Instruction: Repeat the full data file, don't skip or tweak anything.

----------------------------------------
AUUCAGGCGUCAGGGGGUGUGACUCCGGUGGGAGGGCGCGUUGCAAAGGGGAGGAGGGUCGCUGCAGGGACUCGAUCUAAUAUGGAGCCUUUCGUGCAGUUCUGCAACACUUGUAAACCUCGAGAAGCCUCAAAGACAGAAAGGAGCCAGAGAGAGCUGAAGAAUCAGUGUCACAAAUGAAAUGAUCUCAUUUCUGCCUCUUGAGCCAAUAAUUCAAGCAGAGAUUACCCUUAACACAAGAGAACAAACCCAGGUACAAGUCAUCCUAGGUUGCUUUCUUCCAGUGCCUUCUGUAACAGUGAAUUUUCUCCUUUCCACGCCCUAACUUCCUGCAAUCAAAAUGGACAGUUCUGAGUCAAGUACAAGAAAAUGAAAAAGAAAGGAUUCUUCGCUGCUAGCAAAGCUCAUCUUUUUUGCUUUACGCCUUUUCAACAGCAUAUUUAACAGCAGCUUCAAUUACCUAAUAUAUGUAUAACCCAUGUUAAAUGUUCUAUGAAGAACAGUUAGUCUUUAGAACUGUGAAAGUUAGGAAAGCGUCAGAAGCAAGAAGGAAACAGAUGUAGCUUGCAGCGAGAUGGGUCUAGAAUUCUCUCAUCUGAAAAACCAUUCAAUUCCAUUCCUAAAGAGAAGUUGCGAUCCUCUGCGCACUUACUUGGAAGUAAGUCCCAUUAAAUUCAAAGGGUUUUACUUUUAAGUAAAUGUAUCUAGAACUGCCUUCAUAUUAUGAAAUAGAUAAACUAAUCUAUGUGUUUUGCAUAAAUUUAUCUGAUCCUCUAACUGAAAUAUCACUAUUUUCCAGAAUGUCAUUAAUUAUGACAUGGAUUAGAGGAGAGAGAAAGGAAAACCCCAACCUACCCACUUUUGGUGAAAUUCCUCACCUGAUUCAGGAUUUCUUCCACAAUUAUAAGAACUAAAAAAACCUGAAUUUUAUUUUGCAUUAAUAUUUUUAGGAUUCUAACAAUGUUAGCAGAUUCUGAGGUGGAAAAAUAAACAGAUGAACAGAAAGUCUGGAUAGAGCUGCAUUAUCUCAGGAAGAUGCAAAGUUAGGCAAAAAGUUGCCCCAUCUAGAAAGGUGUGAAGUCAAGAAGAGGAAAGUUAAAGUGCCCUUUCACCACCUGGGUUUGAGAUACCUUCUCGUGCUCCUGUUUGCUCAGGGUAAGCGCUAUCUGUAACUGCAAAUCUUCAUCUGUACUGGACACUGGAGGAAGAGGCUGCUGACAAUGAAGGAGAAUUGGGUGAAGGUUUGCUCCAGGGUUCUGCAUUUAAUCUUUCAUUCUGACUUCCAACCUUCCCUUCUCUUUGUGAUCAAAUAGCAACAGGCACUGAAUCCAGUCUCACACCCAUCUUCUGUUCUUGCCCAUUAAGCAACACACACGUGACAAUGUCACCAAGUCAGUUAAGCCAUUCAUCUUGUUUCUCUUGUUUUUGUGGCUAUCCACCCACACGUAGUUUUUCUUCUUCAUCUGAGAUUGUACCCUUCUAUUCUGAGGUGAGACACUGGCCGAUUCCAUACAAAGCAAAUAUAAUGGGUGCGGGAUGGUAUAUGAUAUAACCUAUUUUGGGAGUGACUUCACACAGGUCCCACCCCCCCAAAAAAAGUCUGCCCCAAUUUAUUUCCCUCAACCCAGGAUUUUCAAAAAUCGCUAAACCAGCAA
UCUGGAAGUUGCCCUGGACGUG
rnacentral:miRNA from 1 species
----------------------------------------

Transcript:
AUUCAGGCGUCAGGGGGUGUGACUCCGGUGGGAGGGCGCGUUGCAAAGGGGAGGAGGGUCGCUGCAGGGACUCGAUCUAAUAUGGAGCCUUUCGUGCAGUUCUGCAACACUUGUAAACCUCGAGAAGCCUCAAAGACAGAAAGGAGCCAGAGAGAGCUGAAGAAUCAGUGUCACAAAUGAAAUGAUCUCAUUUCUGCCUCUUGAGCCAAUAAUUCAAGCAGAGAUUACCCUUAACACAAGAGAACAAACCCAGGUACAAGUCAUCCUAGGUUGCUUUCUUCCAGUGCCUUCUGUAACAGUGAAUUUUCUCCUUUCCACGCCCUAACUUCCUGCAAUCAAAAUGGACAGUUCUGAGUCAAGUACAAGAAAAUGAAAAAGAAAGGAUUCUUCGCUGCUAGCAAAGCUCAUCUUUUUUGCUUUACGCCUUUUCAACAGCAUAUUUAACAGCAGCUUCAAUUACCUAAUAUAUGUAUAACCCAUGUUAAAUGUUCUAUGAAGAACAGUUAGUCUUUAGAACUGUGAAAGUUAGGAAAGCGUCAGAAGCAAGAAGGAAACAGAUGUAGCUUGCAGCGAGAUGGGUCUAGAAUUCUCUCAUCUGAAAAACCAUUCAAUUCCAUUCCUAAAGAGAAGUUGCGAUCCUCUGCGCACUUACUUGGAAGUAAGUCCCAUUAAAUUCAAAGGGUUUUACUUUUAAGUAAAUGUAUCUAGAACUGCCUUCAUAUUAUGAAAUAGAUAAACUAAUCUAUGUGUUUUGCAUAAAUUUAUCUGAUCCUCUAACUGAAAUAUCACUAUUUUCCAGAAUGUCAUUAAUUAUGACAUGGAUUAGAGGAGAGAGAAAGGAAAACCCCAACCUACCCACUUUUGGUGAAAUUCCUCACCUGAUUCAGGAUUUCUUCCACAAUUAUAAGAACUAAAAAAACCUGAAUUUUAUUUUGCAUUAAUAUUUUUAGGAUUCUAACAAUGUUAGCAGAUUCUGAGGUGGAAAAAUAAACAGAUGAACAGAAAGUCUGGAUAGAGCUGCAUUAUCUCAGGAAGAUGCAAAGUUAGGCAAAAAGUUGCCCCAUCUAGAAAGGUGUGAAGUCAAGAAGAGGAAAGUUAAAGUGCCCUUUCACCACCUGGGUUUGAGAUACCUUCUCGUGCUCCUGUUUGCUCAGGGUAAGCGCUAUCUGUAACUGCAAAUCUUCAUCUGUACUGGACACUGGAGGAAGAGGCUGCUGACAAUGAAGGAGAAUUGGGUGAAGGUUUGCUCCAGGGUUCUGCAUUUAAUCUUUCAUUCUGACUUCCAACCUUCCCUUCUCUUUGUGAUCAAAUAGCAACAGGCACUGAAUCCAGUCUCACACCCAUCUUCUGUUCUUGCCCAUUAAGCAACACACACGUGACAAUGUCACCAAGUCAGUUAAGCCAUUCAUCUUGUUUCUCUUGUUUUUGUGGCUAUCCACCCACACGUAGUUUUUCUUCUUCAUCUGAGAUUGUACCCUUCUAUUCUGAGGUGAGACACUGGCCGAUUCCAUACAAAGCAAAUAUAAUGGGUGCGGGAUGGUAUAUGAUAUAACCUAUUUUGGGAGUGACUUCACACAGGUCCCACCCCCCCAAAAAAAGUCUGCCCCAAUUUAUUUCCCUCAACCCAGGAUUUUCAAAAAUCGCUAAACCAGCAA
UCUGGAAGUUGCCCUGGACGUG
rnacentral:miRNA from 1 species